Mr. Macintosh says to Charlie in one of my favorite moments of The West Wing, “If they’re shooting at you, you must be doing something right.”
Paul Ryan must be doing something really, really right if the vitriol coming from the fellas at Patrol are any indication.
David Sessions recent shot at Ryan claims that Randian philosophy is his “publicly admitted economic worldview” and dubiously associates Ryan with the “religious right” in an attempt to brand both Republicans and religious conservatives as enemies of the weak. I’m less interested in the attempts of a few disgruntled “post-evangelicals” to discredit a serious national leader like Ryan by perpetuating a lie than I am in the increasing number of blogs and pieces in (formerly?) mainstream media outlets like Newsweek attempting to label anyone who ever read Rand as a sadistic enemy of the weak.
Rand has enjoyed a resurgence of interest, perhaps due to the same factors that have inspired near ubiquitous frustration with America’s current pattern of government spending. Attend a “Tea Party” event and you are likely to see images of Rand or the famous phrase “Who is John Galt?” on posters and t-shirts. My awareness of Rand came to a head last fall at a dinner with AEI president Arthur Brooks, Jim Wallis of Sojourners, and the administration of Wheaton College when the topic of conversation quickly turned to The Fountainhead. I realized it was time I read Atlas Shrugged for myself.
My friend Kate loaned me a copy, noting sincerely “This is my all-time favorite book.”
I was surprised by her devotion. Kate runs a small marketing/design firm whose clientele includes primarily ministries and non-profit organizations. She edits a magazine dedicated to sustainable development in urban contexts and operates a craft business modeled after 10,000 Villages. Kate has a nose ring and listens to Fleet Foxes. She is not a birther.
When I told her that she didn’t strike me as a typical “Randian” Kate sighed and said, “Well it’s not all good, but so much of it is true.”
I’ve been reading the book to and from work on the train every day and every other free moment I can find. Atlas Shrugged, written more than a half-century ago, reads like a Michael Lewis account of near-future events. It’s a story of a few heroes fighting for significance and purpose amidst a culture whose spirit has been neutered by the pursuit of esoteric platitudes (i.e. “social justice”). Rand’s antagonists are government officials, unions, scholars, and business leaders who have fail to recognize that the incremental encroachments of the state have resulted in near-complete socialism.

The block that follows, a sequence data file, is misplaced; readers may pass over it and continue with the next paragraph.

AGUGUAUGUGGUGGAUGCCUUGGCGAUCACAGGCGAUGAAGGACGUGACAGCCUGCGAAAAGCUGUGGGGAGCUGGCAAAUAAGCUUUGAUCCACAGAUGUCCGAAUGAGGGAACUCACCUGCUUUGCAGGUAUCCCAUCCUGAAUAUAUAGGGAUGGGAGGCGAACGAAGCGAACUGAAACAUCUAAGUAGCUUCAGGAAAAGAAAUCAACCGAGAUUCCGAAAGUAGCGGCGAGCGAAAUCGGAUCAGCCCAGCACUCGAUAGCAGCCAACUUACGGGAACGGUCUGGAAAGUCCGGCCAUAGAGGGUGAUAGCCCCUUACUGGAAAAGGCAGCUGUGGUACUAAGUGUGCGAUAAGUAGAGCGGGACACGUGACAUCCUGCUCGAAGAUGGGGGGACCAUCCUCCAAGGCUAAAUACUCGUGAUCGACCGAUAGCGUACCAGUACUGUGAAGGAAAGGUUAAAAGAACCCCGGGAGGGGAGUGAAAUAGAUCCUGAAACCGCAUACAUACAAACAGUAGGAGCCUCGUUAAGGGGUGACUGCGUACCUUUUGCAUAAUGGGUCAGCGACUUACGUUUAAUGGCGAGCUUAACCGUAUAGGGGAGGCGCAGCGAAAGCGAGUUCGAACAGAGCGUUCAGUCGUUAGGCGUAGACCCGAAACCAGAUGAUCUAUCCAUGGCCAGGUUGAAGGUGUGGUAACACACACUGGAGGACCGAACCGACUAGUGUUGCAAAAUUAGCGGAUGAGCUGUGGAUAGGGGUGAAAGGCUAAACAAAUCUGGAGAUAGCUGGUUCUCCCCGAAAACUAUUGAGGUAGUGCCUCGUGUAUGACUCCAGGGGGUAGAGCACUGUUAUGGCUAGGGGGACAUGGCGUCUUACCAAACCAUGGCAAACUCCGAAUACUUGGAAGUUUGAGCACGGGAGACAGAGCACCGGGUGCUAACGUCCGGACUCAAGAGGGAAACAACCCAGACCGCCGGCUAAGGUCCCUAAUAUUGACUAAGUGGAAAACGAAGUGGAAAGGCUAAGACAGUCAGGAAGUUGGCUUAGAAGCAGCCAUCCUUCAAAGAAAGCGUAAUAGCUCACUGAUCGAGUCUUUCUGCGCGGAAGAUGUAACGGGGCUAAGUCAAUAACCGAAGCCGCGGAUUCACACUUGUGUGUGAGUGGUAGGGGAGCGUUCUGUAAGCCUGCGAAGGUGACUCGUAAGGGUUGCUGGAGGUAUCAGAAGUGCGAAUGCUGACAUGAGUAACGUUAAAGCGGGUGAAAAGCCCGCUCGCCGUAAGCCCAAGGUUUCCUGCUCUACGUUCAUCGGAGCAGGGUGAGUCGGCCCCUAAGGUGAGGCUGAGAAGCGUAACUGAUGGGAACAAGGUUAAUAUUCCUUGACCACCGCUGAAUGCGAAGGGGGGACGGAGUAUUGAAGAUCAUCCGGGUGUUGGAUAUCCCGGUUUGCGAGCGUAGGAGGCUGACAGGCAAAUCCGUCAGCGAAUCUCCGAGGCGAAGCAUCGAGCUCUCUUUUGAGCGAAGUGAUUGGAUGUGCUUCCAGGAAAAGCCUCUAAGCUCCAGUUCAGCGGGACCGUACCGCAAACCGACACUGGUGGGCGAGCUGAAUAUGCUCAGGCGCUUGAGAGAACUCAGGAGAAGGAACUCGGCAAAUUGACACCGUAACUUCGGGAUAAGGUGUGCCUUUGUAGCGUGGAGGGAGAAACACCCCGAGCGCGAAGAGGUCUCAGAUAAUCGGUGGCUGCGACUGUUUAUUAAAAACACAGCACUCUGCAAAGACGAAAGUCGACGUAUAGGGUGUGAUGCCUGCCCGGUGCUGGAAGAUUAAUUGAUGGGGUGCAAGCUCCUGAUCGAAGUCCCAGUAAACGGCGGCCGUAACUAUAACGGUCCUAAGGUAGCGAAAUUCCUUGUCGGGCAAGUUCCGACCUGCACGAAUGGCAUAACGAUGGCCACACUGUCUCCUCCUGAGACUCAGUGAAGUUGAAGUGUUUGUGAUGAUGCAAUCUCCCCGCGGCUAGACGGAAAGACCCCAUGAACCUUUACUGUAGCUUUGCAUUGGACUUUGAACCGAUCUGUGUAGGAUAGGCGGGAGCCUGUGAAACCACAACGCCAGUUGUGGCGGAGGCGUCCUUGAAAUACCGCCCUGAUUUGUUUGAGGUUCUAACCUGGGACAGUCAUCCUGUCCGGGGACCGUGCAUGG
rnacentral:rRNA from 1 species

There are legitimate criticisms of Rand. Her philosophy deifies personal accomplishment and makes a virtue of selfishness and greed. Because of this, Rand has done a disservice to capitalism. We know that capitalism functions best when tempered by Christian social ethics and that one of the most important virtues of the system is not the creation of wealth for the sake of wealth, but for the deeply significant ends wealth enables, including first and foremost in my mind altruism and vocation. After all, we have data that prove the most generous servants of the poor and dedicated civic leaders are politically conservative Christians.
As with all things, readers of Rand should approach the book with a critical, discerning eye ready to distinguish what is good from what is not. David Sessions and others on the far-left fringes find her work objectionable not because they are concerned that her philosophy will become the modus operandi for a critical mass of Americans, but because it is a prescient fable of the dangers of their preferred approach to policy: centrist social engineering.
They attack Paul Ryan and others who have said positive things about Rand as if readers are incapable of distilling the meritorious aspects of her work from the contemptible. The ridiculousness of a syllogism that posits that because Ryan reads Rand his politics must be an embrace of her philosophical catalog should be apparent to anyone with an ounce of common sense. Ah, but we’re talking about the left, which has long been driven by a devotion to so-called pluralism that makes no room for ideas that are deemed unacceptable. Such hypocrisy is damnable, but it’s nothing compared to the pain and suffering that inevitably follows the implementation of anti-liberty political philosophies in public policy.